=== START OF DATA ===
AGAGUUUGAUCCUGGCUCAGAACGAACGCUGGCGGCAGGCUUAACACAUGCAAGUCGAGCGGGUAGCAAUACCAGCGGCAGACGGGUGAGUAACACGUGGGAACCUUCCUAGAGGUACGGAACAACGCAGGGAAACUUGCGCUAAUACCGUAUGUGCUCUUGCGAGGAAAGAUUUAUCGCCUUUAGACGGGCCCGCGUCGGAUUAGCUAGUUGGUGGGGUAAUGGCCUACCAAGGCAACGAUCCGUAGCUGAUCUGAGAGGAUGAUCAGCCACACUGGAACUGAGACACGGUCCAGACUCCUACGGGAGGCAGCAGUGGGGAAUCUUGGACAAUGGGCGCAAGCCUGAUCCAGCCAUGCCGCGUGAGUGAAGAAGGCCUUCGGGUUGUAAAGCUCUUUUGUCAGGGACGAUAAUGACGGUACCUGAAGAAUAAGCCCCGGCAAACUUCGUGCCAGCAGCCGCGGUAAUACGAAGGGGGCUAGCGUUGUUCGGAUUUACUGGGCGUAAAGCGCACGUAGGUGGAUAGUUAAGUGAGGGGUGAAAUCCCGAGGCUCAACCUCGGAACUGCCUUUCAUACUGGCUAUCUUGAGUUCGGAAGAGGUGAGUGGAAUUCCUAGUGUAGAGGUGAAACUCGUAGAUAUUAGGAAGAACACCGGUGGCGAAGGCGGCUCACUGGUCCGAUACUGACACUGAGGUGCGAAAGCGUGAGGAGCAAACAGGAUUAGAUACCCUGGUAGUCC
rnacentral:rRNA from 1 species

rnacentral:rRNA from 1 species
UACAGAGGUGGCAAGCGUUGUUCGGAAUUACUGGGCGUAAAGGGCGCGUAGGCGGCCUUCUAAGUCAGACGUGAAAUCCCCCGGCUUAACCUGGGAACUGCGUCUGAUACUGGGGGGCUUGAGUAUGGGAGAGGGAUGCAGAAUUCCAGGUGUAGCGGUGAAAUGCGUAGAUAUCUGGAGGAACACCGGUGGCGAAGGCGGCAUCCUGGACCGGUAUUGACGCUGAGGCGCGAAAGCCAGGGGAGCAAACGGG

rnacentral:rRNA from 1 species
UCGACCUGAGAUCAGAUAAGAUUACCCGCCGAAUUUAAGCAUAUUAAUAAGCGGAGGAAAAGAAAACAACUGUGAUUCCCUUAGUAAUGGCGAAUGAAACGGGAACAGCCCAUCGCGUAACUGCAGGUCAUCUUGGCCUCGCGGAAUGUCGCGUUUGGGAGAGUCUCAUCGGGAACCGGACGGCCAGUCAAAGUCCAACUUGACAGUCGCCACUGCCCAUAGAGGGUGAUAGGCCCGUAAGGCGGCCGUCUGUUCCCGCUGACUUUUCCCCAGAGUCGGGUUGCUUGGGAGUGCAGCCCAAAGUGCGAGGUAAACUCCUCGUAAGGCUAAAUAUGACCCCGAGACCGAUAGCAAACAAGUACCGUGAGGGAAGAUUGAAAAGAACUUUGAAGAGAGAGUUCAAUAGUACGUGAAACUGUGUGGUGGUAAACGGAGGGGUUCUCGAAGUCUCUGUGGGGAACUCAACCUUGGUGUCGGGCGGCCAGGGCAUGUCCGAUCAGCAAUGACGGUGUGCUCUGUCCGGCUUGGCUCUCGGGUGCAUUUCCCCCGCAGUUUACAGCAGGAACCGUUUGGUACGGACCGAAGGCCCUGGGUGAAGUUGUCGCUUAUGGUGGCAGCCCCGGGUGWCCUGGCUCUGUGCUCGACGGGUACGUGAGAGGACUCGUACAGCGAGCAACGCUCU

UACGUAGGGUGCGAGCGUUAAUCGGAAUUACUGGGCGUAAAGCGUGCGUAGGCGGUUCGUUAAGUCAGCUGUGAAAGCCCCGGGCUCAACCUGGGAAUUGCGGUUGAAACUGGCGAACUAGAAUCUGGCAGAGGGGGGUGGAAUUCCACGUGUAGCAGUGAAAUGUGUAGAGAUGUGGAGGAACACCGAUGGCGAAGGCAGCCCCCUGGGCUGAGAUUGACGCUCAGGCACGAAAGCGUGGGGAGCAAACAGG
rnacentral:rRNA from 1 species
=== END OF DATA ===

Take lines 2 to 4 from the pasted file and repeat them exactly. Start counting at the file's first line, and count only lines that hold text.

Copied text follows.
rnacentral:rRNA from 1 species

rnacentral:rRNA from 1 species
UACAGAGGUGGCAAGCGUUGUUCGGAAUUACUGGGCGUAAAGGGCGCGUAGGCGGCCUUCUAAGUCAGACGUGAAAUCCCCCGGCUUAACCUGGGAACUGCGUCUGAUACUGGGGGGCUUGAGUAUGGGAGAGGGAUGCAGAAUUCCAGGUGUAGCGGUGAAAUGCGUAGAUAUCUGGAGGAACACCGGUGGCGAAGGCGGCAUCCUGGACCGGUAUUGACGCUGAGGCGCGAAAGCCAGGGGAGCAAACGGG